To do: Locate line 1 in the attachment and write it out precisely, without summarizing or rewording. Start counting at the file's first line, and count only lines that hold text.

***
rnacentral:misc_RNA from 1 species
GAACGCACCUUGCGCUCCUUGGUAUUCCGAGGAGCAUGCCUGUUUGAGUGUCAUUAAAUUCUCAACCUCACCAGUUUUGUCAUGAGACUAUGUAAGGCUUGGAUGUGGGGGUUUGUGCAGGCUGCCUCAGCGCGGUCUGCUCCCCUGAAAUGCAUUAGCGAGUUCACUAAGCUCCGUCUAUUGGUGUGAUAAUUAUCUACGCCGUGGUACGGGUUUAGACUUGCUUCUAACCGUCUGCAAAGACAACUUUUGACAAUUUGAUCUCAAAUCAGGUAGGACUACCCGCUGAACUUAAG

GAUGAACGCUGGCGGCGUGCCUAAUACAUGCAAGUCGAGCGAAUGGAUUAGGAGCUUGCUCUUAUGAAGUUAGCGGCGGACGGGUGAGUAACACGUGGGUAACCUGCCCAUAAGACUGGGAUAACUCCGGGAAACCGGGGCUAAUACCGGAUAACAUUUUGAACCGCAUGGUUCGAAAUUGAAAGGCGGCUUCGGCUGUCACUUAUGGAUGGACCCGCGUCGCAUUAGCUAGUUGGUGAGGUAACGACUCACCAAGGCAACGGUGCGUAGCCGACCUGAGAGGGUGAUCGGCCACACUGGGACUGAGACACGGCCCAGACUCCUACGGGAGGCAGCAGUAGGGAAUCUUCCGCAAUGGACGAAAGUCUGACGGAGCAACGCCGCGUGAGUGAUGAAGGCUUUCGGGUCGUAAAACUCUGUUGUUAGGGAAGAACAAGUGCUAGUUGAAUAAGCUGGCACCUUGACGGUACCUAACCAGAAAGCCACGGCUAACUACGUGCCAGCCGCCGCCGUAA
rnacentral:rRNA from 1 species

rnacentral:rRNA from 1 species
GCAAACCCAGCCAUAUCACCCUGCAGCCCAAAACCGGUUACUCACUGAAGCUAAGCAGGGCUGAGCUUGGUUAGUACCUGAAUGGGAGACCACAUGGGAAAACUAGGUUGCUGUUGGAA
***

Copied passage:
rnacentral:misc_RNA from 1 species